Coverholders and Risk Takers
By Frank Huver
LLOYD’S OF LONDON: CHALLENGES AND SOLUTIONS
The venerable market retools to “build the most advanced insurance marketplace in the world”
Lloyd’s of London is the world’s oldest and most recognized insurance brand. Since beginning in a coffee shop over 330 years ago, it has developed a reputation for being an innovative pioneer in our industry. For example, did you know that Lloyd’s issued the first automobile coverage back in 1904? Given the paucity of information about this fledgling technology, the underwriters had to fall back on their maritime experience. The policy described the vehicle as “a ship navigating on land.” Lloyd’s was similarly in the forefront in writing coverage for other emerging risks such as airplanes and spacecraft.
Recent history has not been particularly kind to this venerable institution, causing a critical reevaluation of its entire business model. The impact of this period of self-imposed introspection has sent ripples across the Atlantic. Some coverholders (domestic agents with delegated underwriting authorities from London) have seen their programs either terminated or subjected to rate increases. Reinsurance also has become more difficult to place. Fortunately, Lloyd’s has taken the decisive actions necessary to reverse these negative trends, putting it on a path to strengthen its preeminent position in the insurance marketplace.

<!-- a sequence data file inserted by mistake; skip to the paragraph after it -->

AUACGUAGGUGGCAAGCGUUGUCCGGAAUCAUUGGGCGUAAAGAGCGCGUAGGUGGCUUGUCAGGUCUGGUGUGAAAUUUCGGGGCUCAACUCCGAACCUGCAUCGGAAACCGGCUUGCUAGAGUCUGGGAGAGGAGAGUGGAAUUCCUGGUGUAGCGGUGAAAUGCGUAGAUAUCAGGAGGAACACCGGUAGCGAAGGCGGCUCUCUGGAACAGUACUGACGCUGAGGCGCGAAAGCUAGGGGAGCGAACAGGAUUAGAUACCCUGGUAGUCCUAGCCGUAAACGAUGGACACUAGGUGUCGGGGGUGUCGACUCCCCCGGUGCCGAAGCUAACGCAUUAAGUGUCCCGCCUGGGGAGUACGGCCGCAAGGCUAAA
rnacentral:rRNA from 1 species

Last September, Lloyd’s reported a first-half pretax profit as a result of both investment gains and the cutback in underperforming business.
We will use this article to (1) examine some of the major issues that resulted in the London market’s need for “recalibration,” (2) review several of the more significant remediation strategies undertaken to improve matters, and (3) offer some common-sense suggestions for domestic agency specialists who are interested in pursuing a business relationship with Lloyd’s.